Tuesday, February 06, 2007

Our technological infirmity

Today it's possible to buy some amazing technology for very little. Look at flash drives which can haul around digital music, pictures, and documents. For the most part you plug them into your computer and copy information to and from them. I recently saw that you could buy Turbo Tax on a flash drive.

The unfortunate thing is that most technology isn't like a flash drive. I have some wonderful ink jet printers. They produce pictures with quality as stunning as is possible to transfer to paper or canvas. Well at least they do that when the stars are aligned, and I am holding my mouth at the correct angle.

Last night I was trying to print a few real estate listings from the Multi-Listing Service. My printer burped. The output from the printer which had been perfect all day, turned nearly unreadable. I tried cleaning the printer nozzles. That didn't work. I tried my wife's prescription when faced with malfeasance from any of our electronic devices. I turned it off and decided to let it rest overnight.

I even waited until after lunch before facing the printer once again. In a couple of hours of working with all my tricks I managed to get things back on track. Most people would have given up or thrown the printer over the cliff.

It occurred to me after this battle of humans and technology that we have reached the point that we can afford more technology than we can understand. It used to be that technology was expensive and came with people who understood how to make it work.

When something didn't work, we could call someone who might be able to explain why it didn't work.

Today technology is so inexpensive that there are very few people involved except the people who don't know out to make it work once they have purchased it.

Certainly the people selling most of the technology don't understand it. I wrote about the mostly clueless technology sales force when I faced the challenge of buying a new fax, printer, scanner, and copy machine which is more popularly known as an "AIO" device.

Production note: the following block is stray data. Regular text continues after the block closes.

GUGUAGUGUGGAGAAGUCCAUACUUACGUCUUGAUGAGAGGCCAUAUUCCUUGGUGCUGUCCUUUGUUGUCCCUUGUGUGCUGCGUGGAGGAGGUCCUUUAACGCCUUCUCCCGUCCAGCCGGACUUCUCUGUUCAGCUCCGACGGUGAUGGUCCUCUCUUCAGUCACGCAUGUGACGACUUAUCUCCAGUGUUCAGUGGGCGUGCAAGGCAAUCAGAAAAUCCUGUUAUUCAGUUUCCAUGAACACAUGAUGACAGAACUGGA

These are wonderful devices which cost very little considering how much they do when they are actually working. I wrote a couple of posts about my experiences getting a home office going with my AIO, a laser printer, a Mac computer, and a Windows/Linux computer. The first post, "HP AIO Photosmart C6180 and Mac OSX," and the second one, "The not so reluctant home system engineer," have some enlightening comments. Some very intelligent people, even with the help of some supposed experts, can't get all the features of these AIO devices to reliably work.

Printers aren't the only problems. I recently went out looking for a wide angle camera to take pictures of homes for my new career as a RealtorĀ® in what I like to call my coastal North Carolina paradise. I wasn't surprised that once I got outside of a photo store, few people even understood what I was asking. In fact even in the photo store I probably knew as much about wide angle digital cameras as the sales people.

I guess the lesson is that it isn't too hard to buy more technology than you can use or at least keep working reliably. With wireless networks, cell phones that can do almost anything, and $1,200 laptops that can even do video conferencing along with the rest of modern computer tasks, we are awash in technology.

Now if we just had some people who understood how all of it works. At least I have some great photographs that I have managed to keep on the web. The one thing that works almost all the time is my Firefox browser, and for that I've glad. I even heard that Microsoft is backing off in features in their Office Products.

Perhaps we are at the technological peak, and we can hope that things will get easier and more reliable instead of getting more and more complex.

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